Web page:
But this 9/11 case goes far beyond even that. We're not talking about anybody making a cross and erecting it in the museum, but about a piece of steel rubble from the World Trade Center that happens to be shaped like a cross. It was discovered in the days afterwards by rescue workers, who found it comforting - a sign of hope amid the ruins. But it's not a memorial, it's part of the event, an historical artifact. For Edwin Kagin, national legal director for American Atheists, to demand an "atheist memorial" at the museum of equal size is to insist that the courts have the power to force a bogus equivalence on reality regardless of the historical record. As I well know, too much of American life - far more than anywhere else on the planet - is over-lawyered to the point where the whole joint is seizing up. But if a museum curator can't include artifacts found at the event the museum commemorates without having a judge impose some phony-baloney ersatz-artifact to appease the usual litigious special-interest group, America might as well close up shop. Who needs terrorists when you're doing such a grand job of putting yourself out of business?
~In Lake Elsinore, California, meanwhile, the American Humanist Association is suing to remove another cross. I feel somewhat differently about this matter, because it's a roadside memorial, marking the spot where 19-year old Anthony Devaney was struck and killed by a car two years ago. It is also somewhat larger and, frankly, rather odder (an outline of a cross rather than the real thing) than most roadside memorials.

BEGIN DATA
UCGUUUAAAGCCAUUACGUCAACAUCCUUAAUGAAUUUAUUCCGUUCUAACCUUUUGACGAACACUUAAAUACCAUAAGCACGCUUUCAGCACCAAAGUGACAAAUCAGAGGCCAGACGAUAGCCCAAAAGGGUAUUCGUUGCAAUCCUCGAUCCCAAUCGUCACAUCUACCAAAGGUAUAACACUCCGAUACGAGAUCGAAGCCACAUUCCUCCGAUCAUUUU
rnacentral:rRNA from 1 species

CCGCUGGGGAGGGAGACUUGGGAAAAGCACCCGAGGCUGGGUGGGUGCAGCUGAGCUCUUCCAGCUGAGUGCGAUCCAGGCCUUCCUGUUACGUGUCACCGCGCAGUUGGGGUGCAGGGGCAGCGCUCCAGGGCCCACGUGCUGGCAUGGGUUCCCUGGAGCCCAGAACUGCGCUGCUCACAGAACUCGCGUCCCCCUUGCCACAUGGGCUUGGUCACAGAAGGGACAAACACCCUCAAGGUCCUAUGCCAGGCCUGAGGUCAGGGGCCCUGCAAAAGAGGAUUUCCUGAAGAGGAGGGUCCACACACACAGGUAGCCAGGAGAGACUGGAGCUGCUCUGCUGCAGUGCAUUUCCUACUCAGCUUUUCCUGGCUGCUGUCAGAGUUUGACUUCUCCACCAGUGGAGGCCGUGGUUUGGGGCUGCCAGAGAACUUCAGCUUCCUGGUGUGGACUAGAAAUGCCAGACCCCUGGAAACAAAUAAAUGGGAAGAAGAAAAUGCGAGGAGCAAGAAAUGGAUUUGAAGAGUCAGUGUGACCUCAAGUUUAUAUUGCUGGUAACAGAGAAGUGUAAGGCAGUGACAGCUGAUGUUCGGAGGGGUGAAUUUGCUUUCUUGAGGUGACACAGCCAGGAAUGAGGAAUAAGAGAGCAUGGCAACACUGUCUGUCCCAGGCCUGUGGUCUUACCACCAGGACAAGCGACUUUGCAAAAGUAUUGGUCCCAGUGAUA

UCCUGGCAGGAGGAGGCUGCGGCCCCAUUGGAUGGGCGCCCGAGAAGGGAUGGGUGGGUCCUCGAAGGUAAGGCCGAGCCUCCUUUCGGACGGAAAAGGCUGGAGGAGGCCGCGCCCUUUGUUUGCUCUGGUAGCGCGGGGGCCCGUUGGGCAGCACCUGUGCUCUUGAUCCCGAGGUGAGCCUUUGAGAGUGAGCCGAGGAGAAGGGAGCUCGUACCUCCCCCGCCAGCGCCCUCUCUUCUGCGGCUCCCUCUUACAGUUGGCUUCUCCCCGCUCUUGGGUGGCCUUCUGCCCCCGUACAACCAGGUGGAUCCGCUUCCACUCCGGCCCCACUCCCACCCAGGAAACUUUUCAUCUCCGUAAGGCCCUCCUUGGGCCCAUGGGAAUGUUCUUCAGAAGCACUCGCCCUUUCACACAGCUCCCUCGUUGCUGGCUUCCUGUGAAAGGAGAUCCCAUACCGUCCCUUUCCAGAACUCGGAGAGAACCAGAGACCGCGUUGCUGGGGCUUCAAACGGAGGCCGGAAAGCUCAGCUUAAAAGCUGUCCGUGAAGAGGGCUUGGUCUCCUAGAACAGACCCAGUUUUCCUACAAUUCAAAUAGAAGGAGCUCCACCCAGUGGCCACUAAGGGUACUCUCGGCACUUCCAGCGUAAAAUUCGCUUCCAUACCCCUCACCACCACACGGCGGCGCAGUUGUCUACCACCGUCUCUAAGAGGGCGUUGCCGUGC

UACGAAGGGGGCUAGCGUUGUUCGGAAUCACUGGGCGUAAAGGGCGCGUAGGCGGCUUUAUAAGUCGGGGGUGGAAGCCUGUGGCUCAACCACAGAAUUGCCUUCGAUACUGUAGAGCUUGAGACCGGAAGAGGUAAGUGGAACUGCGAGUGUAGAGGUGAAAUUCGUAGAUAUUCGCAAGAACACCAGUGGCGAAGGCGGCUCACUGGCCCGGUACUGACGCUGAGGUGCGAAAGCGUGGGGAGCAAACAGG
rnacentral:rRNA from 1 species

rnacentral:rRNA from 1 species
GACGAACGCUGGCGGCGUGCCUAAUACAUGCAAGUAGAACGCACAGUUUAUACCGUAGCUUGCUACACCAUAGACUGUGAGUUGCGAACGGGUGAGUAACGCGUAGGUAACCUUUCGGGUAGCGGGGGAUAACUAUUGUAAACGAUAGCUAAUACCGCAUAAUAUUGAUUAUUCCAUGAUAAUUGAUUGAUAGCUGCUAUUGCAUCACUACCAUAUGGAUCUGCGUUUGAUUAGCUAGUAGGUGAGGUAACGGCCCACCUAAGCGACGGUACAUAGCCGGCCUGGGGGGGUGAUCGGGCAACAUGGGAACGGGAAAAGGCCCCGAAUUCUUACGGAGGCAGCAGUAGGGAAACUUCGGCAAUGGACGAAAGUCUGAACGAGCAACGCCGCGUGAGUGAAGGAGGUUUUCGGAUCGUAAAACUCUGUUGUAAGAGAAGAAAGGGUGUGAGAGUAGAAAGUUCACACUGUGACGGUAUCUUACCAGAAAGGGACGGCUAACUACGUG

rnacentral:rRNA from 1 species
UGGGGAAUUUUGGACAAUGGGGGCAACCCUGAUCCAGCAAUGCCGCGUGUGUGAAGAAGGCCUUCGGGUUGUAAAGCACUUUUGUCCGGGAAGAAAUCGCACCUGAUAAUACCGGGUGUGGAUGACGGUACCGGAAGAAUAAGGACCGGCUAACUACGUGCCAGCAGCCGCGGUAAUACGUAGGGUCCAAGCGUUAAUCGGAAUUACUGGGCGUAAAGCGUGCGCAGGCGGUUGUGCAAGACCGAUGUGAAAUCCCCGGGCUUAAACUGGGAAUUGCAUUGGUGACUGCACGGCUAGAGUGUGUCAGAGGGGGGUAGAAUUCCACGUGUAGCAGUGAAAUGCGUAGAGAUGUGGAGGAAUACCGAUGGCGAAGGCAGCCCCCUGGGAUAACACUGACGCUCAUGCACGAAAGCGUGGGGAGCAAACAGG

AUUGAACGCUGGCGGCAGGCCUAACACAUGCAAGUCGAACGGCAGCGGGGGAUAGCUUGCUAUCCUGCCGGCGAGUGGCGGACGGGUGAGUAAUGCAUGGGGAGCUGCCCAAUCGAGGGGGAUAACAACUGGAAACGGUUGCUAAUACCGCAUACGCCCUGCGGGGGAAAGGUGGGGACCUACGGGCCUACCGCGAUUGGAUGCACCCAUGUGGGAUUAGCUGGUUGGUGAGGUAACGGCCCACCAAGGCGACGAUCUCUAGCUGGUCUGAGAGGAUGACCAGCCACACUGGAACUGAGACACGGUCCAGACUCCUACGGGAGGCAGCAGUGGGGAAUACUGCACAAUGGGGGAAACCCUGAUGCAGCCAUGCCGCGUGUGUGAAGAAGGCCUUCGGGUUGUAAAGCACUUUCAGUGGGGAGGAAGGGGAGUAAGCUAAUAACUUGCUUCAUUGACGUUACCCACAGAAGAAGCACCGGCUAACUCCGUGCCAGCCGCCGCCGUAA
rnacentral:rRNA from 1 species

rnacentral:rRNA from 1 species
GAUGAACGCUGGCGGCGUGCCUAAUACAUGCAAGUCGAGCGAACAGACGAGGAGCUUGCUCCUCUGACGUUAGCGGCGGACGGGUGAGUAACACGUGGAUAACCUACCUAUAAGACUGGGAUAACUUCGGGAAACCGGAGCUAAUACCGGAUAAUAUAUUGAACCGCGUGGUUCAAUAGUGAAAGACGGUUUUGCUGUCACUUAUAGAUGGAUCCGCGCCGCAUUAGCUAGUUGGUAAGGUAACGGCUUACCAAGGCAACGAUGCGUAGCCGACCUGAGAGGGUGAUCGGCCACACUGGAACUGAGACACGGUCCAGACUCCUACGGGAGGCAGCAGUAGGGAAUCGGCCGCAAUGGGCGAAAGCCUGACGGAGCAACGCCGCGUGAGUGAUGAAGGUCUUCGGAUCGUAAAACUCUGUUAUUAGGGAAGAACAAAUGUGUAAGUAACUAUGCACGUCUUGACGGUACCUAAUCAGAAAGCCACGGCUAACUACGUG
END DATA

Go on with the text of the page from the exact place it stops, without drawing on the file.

There seems to me something sad and bleak about these ad hoc freelance memorials along the shoulder. They're symptoms of a culture that's lost its sense of rituals of observance. Unlike America, in Commonwealth countries the tradition is for soldiers to rest where they fall. Thus, Rupert Brooke's famous poem from the Great War:
If I should die, think only this of me;
That there's some corner of a foreign field
That is for ever England.
I can understand that more easily than the idea that there's some corner of a domestic two-lane blacktop that is forever your beloved son or daughter. Aside from reducing a rich and full life to a few fatal seconds of misjudged motoring, there's an unseemliness in the act of appropriation. Putting aside atheists vs Christians, the intrusion upon the public space is dubious, especially for two years of "grieving". The place for Anthony Devaney's family to honor and remember him is at a well-tended grave in a graveyard of his fellow Americans.
~Several listeners to Monday's Rush Limbaugh Show heard me say I'd be speaking at something called the "Northeast Republicans Leadership Conference", and wanted to know when and where. It's in Nashua in southern New Hampshire at the end of this week. Not just me, but Kelly Ayotte, Fred Barnes, Bobby Jindal, John Bolton, and a cast of bazillions. More details here.